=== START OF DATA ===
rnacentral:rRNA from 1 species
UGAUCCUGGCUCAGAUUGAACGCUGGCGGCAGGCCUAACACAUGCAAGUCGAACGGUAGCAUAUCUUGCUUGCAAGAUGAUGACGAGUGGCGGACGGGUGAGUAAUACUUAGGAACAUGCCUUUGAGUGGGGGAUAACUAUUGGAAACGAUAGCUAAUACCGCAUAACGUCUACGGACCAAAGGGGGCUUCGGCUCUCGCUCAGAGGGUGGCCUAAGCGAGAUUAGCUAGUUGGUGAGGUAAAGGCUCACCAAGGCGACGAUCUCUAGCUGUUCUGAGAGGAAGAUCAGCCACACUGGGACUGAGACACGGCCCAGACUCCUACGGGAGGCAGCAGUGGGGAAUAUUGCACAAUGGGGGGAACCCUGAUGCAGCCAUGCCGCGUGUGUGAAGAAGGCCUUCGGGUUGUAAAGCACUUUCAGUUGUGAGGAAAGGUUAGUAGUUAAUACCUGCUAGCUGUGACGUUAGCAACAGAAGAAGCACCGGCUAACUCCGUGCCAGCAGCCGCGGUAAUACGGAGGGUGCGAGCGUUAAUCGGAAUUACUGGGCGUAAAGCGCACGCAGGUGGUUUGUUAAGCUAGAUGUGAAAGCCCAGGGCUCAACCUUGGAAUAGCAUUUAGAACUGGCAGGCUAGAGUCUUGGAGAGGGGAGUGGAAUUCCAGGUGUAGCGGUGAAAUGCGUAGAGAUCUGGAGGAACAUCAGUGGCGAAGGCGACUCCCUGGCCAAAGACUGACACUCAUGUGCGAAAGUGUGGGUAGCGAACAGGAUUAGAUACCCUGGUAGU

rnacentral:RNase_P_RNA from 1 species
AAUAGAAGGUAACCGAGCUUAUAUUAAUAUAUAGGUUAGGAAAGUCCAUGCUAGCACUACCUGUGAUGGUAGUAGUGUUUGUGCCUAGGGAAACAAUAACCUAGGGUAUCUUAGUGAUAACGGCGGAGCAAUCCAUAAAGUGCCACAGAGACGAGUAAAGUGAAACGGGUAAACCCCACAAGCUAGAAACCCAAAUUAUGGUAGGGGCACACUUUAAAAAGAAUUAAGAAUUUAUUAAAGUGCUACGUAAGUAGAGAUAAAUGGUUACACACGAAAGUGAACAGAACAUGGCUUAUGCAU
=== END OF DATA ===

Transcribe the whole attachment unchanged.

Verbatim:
rnacentral:rRNA from 1 species
UGAUCCUGGCUCAGAUUGAACGCUGGCGGCAGGCCUAACACAUGCAAGUCGAACGGUAGCAUAUCUUGCUUGCAAGAUGAUGACGAGUGGCGGACGGGUGAGUAAUACUUAGGAACAUGCCUUUGAGUGGGGGAUAACUAUUGGAAACGAUAGCUAAUACCGCAUAACGUCUACGGACCAAAGGGGGCUUCGGCUCUCGCUCAGAGGGUGGCCUAAGCGAGAUUAGCUAGUUGGUGAGGUAAAGGCUCACCAAGGCGACGAUCUCUAGCUGUUCUGAGAGGAAGAUCAGCCACACUGGGACUGAGACACGGCCCAGACUCCUACGGGAGGCAGCAGUGGGGAAUAUUGCACAAUGGGGGGAACCCUGAUGCAGCCAUGCCGCGUGUGUGAAGAAGGCCUUCGGGUUGUAAAGCACUUUCAGUUGUGAGGAAAGGUUAGUAGUUAAUACCUGCUAGCUGUGACGUUAGCAACAGAAGAAGCACCGGCUAACUCCGUGCCAGCAGCCGCGGUAAUACGGAGGGUGCGAGCGUUAAUCGGAAUUACUGGGCGUAAAGCGCACGCAGGUGGUUUGUUAAGCUAGAUGUGAAAGCCCAGGGCUCAACCUUGGAAUAGCAUUUAGAACUGGCAGGCUAGAGUCUUGGAGAGGGGAGUGGAAUUCCAGGUGUAGCGGUGAAAUGCGUAGAGAUCUGGAGGAACAUCAGUGGCGAAGGCGACUCCCUGGCCAAAGACUGACACUCAUGUGCGAAAGUGUGGGUAGCGAACAGGAUUAGAUACCCUGGUAGU

rnacentral:RNase_P_RNA from 1 species
AAUAGAAGGUAACCGAGCUUAUAUUAAUAUAUAGGUUAGGAAAGUCCAUGCUAGCACUACCUGUGAUGGUAGUAGUGUUUGUGCCUAGGGAAACAAUAACCUAGGGUAUCUUAGUGAUAACGGCGGAGCAAUCCAUAAAGUGCCACAGAGACGAGUAAAGUGAAACGGGUAAACCCCACAAGCUAGAAACCCAAAUUAUGGUAGGGGCACACUUUAAAAAGAAUUAAGAAUUUAUUAAAGUGCUACGUAAGUAGAGAUAAAUGGUUACACACGAAAGUGAACAGAACAUGGCUUAUGCAU